Remote work makes teams more competitive

The second differentiator I’ve found is the level of trust and partnership with the outsourcing team: Creating a culture of inclusivity is a challenge when both corporate and geographic cultures may be different, but I urge all leaders to take the initiative, as that diversity is a strength when we are intentional about how to cultivate a vibrant, thriving environment.  

Utah has many fast-growing companies that provide essential products and services to a global market. Often these companies are continually bumping against their limits, requiring them to develop new skills that will let them provide a great customer experience around the clock. Leaders may feel challenged by the pandemic essentially forcing them to adopt the outsourcing model before they may feel ready, but it will benefit the company in the long term. 

Managers who are comfortable with remote work―whether that means people working from home or a team of engineers halfway around the world―will absolutely be more successful and in demand in coming years. 

The final differentiator I’ll share is one that has become more apparent than ever in our post-2020 world: an organization’s prioritization of agility. What we all experienced as the pandemic escalated was a rapid set of changing conditions that forced each of us as leaders to make responsive decisions, ideally informed by the right data at the right time.  

At Domo, we focus on not only getting access to the necessary data, but using that data to guide decision making. When it comes to outsourcing, the model we use includes consideration for agility and speed, ensuring we are building product knowledge with our outsourced teams, and automated processes.that provide data on throughput and quality.

I believe it’s a distinct advantage for companies to adapt to a world where distributed work―whether it is in-house or outsourced―is now the new reality. As leaders, we care deeply about the customer experience as well as the employee experience. Our ability to embrace new work models can positively transform both the customer and employee experience as we continue to adapt.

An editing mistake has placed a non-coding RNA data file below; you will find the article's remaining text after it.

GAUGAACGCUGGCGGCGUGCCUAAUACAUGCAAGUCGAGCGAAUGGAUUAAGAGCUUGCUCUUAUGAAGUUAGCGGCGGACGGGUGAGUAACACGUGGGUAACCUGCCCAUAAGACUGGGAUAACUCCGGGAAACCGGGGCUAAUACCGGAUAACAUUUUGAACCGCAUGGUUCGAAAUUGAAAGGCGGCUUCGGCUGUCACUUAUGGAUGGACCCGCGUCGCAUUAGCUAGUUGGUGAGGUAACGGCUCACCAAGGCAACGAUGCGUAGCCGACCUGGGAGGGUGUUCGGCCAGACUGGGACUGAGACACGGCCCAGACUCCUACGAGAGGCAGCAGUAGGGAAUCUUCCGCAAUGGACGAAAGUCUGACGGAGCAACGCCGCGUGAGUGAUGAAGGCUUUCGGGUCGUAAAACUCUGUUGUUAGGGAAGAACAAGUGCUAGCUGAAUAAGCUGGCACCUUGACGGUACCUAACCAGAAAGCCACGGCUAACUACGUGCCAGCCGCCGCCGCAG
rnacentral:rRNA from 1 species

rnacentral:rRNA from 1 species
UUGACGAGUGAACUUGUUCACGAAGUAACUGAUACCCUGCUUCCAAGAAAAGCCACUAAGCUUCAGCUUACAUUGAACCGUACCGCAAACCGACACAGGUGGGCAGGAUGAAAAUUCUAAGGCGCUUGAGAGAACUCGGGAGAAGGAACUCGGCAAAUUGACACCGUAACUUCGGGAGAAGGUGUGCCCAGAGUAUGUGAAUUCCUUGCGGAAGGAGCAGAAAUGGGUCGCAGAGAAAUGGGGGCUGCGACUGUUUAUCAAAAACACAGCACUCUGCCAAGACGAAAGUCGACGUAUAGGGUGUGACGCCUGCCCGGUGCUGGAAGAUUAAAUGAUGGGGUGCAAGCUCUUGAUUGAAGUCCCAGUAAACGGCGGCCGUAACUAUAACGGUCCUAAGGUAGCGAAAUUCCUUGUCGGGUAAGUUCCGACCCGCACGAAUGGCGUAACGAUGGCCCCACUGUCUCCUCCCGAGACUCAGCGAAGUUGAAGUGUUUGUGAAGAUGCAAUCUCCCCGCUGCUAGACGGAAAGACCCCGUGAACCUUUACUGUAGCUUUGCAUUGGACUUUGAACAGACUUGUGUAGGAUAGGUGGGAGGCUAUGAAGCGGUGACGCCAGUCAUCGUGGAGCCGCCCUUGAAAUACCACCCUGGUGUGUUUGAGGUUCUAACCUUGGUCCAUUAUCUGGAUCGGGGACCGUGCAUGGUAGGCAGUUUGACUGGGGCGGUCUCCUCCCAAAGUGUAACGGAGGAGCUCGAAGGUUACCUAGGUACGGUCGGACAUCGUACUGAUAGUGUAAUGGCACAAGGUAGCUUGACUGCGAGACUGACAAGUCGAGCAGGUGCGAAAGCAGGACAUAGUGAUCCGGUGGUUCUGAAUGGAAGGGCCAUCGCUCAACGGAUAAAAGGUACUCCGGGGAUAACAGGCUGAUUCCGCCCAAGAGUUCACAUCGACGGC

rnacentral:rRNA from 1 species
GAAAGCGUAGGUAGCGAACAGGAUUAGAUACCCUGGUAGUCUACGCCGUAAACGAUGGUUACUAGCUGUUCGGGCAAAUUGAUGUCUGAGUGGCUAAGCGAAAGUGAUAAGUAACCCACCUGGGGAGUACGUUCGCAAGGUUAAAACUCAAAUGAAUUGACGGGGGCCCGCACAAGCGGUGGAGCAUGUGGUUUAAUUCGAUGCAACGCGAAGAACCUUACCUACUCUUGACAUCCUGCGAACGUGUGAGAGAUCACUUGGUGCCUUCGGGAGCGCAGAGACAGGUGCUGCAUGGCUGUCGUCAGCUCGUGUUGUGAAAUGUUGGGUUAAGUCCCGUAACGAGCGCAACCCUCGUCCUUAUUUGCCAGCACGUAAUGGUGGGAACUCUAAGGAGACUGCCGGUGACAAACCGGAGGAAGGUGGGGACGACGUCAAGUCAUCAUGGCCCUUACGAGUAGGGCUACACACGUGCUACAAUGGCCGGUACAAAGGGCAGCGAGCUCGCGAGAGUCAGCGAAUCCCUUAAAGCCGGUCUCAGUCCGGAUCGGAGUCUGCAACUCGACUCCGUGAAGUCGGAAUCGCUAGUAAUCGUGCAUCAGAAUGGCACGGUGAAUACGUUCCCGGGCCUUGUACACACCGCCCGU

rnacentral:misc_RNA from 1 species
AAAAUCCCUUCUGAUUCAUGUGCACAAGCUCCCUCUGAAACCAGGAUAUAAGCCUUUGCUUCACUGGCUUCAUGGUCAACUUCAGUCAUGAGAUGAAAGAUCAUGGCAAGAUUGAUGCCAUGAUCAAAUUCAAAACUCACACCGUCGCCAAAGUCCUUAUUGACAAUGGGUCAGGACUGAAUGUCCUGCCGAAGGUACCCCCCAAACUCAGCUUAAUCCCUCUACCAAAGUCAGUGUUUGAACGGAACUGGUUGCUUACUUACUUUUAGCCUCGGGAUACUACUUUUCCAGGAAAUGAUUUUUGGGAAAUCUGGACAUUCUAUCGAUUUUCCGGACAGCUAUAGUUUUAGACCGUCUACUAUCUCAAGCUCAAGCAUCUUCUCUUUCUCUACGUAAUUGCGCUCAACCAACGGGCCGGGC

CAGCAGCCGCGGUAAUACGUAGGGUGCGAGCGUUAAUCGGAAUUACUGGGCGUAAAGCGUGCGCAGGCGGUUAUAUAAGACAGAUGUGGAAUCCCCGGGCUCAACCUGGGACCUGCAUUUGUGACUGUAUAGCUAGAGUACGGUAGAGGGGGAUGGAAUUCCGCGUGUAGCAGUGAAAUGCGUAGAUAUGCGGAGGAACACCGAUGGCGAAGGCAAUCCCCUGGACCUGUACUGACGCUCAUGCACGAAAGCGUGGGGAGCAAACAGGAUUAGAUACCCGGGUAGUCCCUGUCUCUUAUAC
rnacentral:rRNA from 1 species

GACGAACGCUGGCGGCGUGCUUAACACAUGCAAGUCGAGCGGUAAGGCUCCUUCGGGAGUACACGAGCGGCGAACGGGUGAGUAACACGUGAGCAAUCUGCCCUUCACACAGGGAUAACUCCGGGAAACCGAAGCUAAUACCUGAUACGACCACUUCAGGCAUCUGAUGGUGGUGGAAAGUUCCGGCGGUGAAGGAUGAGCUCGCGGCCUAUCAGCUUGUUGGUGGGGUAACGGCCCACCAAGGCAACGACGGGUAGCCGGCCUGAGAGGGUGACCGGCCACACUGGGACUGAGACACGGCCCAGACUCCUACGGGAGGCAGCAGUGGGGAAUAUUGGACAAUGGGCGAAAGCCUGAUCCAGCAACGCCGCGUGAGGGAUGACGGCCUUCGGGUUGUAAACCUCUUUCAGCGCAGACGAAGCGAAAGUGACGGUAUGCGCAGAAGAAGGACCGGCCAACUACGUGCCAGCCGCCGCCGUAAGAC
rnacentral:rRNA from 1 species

Catherine Wong is chief product officer and EVP of engineering at Domo, provider of the Domo Business Cloud. In her roles, Catherine leads Domo’s engineering, product and design teams. Catherine joined Domo from Adobe and Omniture, where she started as a software engineer. During her tenure, she ascended through the ranks, taking on increased and varied responsibilities with key roles in product management, M&A product integration, technical architecture and engineering management, leading global teams of more than 500 people. Within eight years at Omniture, Catherine became the youngest VP at the company. Over the course of her career, Catherine has been awarded patents in data segmentation, data visualization, and SaaS data collection. She is an original member of the advisory board for the Women Tech Council in Utah and served on the advisory board for the College of Engineering at the University of Utah. She currently serves on the industry advisory board for the College of Engineering at Utah State University. In 2015, Catherine received the Technology Leadership Award from the Women Tech Council; in 2018, she was recognized as the Women in Tech Champion from Utah Tech Council as well as named a Woman of the Year by Utah Business Magazine for her vision and leadership at Domo and the greater Utah community; and in 2019 Catherine was recognized by Utah Business Magazine as CXO of the Year. Lastly, already in 2020 Catherine has been recognized as one of the 50 Most Powerful Women in Technology from the National Diversity Council.